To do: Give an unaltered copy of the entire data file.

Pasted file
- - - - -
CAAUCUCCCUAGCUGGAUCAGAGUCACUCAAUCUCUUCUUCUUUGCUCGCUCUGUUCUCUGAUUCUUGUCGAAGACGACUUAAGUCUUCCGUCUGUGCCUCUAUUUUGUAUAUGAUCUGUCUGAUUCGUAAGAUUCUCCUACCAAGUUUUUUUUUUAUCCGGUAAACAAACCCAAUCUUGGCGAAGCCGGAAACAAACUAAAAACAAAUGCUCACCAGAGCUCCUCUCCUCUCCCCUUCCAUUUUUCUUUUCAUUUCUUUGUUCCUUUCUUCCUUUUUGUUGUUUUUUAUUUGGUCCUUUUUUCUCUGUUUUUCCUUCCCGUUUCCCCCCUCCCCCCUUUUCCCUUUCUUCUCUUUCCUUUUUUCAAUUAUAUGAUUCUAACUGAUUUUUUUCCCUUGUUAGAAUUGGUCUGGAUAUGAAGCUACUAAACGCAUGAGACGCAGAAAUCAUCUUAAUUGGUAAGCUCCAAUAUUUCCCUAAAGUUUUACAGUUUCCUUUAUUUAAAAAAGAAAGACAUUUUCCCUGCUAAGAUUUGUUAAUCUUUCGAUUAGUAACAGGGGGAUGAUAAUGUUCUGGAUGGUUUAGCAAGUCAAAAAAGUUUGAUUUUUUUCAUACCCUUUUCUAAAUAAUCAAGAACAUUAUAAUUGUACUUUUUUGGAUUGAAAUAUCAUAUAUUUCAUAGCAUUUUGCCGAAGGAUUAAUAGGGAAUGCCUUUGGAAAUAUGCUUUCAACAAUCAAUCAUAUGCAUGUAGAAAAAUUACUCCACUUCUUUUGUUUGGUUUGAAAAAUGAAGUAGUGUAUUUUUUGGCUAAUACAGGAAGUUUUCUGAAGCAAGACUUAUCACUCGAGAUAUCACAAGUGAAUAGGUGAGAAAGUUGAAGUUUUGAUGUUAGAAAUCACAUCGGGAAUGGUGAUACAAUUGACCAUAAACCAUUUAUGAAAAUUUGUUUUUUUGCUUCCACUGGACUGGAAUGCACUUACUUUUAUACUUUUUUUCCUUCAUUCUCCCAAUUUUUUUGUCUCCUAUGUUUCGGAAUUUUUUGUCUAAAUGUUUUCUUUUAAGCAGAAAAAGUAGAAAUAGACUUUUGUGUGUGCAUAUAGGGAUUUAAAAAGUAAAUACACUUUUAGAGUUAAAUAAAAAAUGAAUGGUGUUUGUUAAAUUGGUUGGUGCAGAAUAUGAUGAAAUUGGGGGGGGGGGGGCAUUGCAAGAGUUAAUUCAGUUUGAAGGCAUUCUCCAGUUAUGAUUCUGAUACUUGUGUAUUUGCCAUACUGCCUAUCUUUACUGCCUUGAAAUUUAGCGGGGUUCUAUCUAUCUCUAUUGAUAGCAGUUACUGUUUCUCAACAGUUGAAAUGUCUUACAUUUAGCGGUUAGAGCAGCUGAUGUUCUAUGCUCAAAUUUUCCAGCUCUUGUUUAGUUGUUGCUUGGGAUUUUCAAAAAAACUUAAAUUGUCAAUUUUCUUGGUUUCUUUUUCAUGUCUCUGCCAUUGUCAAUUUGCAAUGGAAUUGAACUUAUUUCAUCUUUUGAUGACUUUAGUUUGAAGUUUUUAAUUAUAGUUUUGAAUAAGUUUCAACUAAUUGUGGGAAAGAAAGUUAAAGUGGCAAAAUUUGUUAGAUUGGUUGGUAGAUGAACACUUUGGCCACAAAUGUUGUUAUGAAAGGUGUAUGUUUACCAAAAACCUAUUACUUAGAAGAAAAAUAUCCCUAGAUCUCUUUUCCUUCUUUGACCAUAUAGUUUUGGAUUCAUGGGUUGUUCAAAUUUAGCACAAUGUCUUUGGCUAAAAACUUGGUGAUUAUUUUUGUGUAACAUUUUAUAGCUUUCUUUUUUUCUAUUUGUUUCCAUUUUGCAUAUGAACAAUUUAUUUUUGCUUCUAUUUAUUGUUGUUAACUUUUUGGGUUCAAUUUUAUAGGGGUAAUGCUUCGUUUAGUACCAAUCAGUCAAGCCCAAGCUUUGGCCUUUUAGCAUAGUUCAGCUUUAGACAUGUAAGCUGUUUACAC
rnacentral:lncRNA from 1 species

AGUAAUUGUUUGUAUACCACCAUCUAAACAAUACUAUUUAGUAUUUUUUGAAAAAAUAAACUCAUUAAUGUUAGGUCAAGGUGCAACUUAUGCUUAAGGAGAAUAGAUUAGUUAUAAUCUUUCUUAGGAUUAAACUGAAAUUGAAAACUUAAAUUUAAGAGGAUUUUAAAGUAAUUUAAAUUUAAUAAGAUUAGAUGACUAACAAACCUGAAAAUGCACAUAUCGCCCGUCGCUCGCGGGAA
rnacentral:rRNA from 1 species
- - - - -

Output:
CAAUCUCCCUAGCUGGAUCAGAGUCACUCAAUCUCUUCUUCUUUGCUCGCUCUGUUCUCUGAUUCUUGUCGAAGACGACUUAAGUCUUCCGUCUGUGCCUCUAUUUUGUAUAUGAUCUGUCUGAUUCGUAAGAUUCUCCUACCAAGUUUUUUUUUUAUCCGGUAAACAAACCCAAUCUUGGCGAAGCCGGAAACAAACUAAAAACAAAUGCUCACCAGAGCUCCUCUCCUCUCCCCUUCCAUUUUUCUUUUCAUUUCUUUGUUCCUUUCUUCCUUUUUGUUGUUUUUUAUUUGGUCCUUUUUUCUCUGUUUUUCCUUCCCGUUUCCCCCCUCCCCCCUUUUCCCUUUCUUCUCUUUCCUUUUUUCAAUUAUAUGAUUCUAACUGAUUUUUUUCCCUUGUUAGAAUUGGUCUGGAUAUGAAGCUACUAAACGCAUGAGACGCAGAAAUCAUCUUAAUUGGUAAGCUCCAAUAUUUCCCUAAAGUUUUACAGUUUCCUUUAUUUAAAAAAGAAAGACAUUUUCCCUGCUAAGAUUUGUUAAUCUUUCGAUUAGUAACAGGGGGAUGAUAAUGUUCUGGAUGGUUUAGCAAGUCAAAAAAGUUUGAUUUUUUUCAUACCCUUUUCUAAAUAAUCAAGAACAUUAUAAUUGUACUUUUUUGGAUUGAAAUAUCAUAUAUUUCAUAGCAUUUUGCCGAAGGAUUAAUAGGGAAUGCCUUUGGAAAUAUGCUUUCAACAAUCAAUCAUAUGCAUGUAGAAAAAUUACUCCACUUCUUUUGUUUGGUUUGAAAAAUGAAGUAGUGUAUUUUUUGGCUAAUACAGGAAGUUUUCUGAAGCAAGACUUAUCACUCGAGAUAUCACAAGUGAAUAGGUGAGAAAGUUGAAGUUUUGAUGUUAGAAAUCACAUCGGGAAUGGUGAUACAAUUGACCAUAAACCAUUUAUGAAAAUUUGUUUUUUUGCUUCCACUGGACUGGAAUGCACUUACUUUUAUACUUUUUUUCCUUCAUUCUCCCAAUUUUUUUGUCUCCUAUGUUUCGGAAUUUUUUGUCUAAAUGUUUUCUUUUAAGCAGAAAAAGUAGAAAUAGACUUUUGUGUGUGCAUAUAGGGAUUUAAAAAGUAAAUACACUUUUAGAGUUAAAUAAAAAAUGAAUGGUGUUUGUUAAAUUGGUUGGUGCAGAAUAUGAUGAAAUUGGGGGGGGGGGGGCAUUGCAAGAGUUAAUUCAGUUUGAAGGCAUUCUCCAGUUAUGAUUCUGAUACUUGUGUAUUUGCCAUACUGCCUAUCUUUACUGCCUUGAAAUUUAGCGGGGUUCUAUCUAUCUCUAUUGAUAGCAGUUACUGUUUCUCAACAGUUGAAAUGUCUUACAUUUAGCGGUUAGAGCAGCUGAUGUUCUAUGCUCAAAUUUUCCAGCUCUUGUUUAGUUGUUGCUUGGGAUUUUCAAAAAAACUUAAAUUGUCAAUUUUCUUGGUUUCUUUUUCAUGUCUCUGCCAUUGUCAAUUUGCAAUGGAAUUGAACUUAUUUCAUCUUUUGAUGACUUUAGUUUGAAGUUUUUAAUUAUAGUUUUGAAUAAGUUUCAACUAAUUGUGGGAAAGAAAGUUAAAGUGGCAAAAUUUGUUAGAUUGGUUGGUAGAUGAACACUUUGGCCACAAAUGUUGUUAUGAAAGGUGUAUGUUUACCAAAAACCUAUUACUUAGAAGAAAAAUAUCCCUAGAUCUCUUUUCCUUCUUUGACCAUAUAGUUUUGGAUUCAUGGGUUGUUCAAAUUUAGCACAAUGUCUUUGGCUAAAAACUUGGUGAUUAUUUUUGUGUAACAUUUUAUAGCUUUCUUUUUUUCUAUUUGUUUCCAUUUUGCAUAUGAACAAUUUAUUUUUGCUUCUAUUUAUUGUUGUUAACUUUUUGGGUUCAAUUUUAUAGGGGUAAUGCUUCGUUUAGUACCAAUCAGUCAAGCCCAAGCUUUGGCCUUUUAGCAUAGUUCAGCUUUAGACAUGUAAGCUGUUUACAC
rnacentral:lncRNA from 1 species

AGUAAUUGUUUGUAUACCACCAUCUAAACAAUACUAUUUAGUAUUUUUUGAAAAAAUAAACUCAUUAAUGUUAGGUCAAGGUGCAACUUAUGCUUAAGGAGAAUAGAUUAGUUAUAAUCUUUCUUAGGAUUAAACUGAAAUUGAAAACUUAAAUUUAAGAGGAUUUUAAAGUAAUUUAAAUUUAAUAAGAUUAGAUGACUAACAAACCUGAAAAUGCACAUAUCGCCCGUCGCUCGCGGGAA
rnacentral:rRNA from 1 species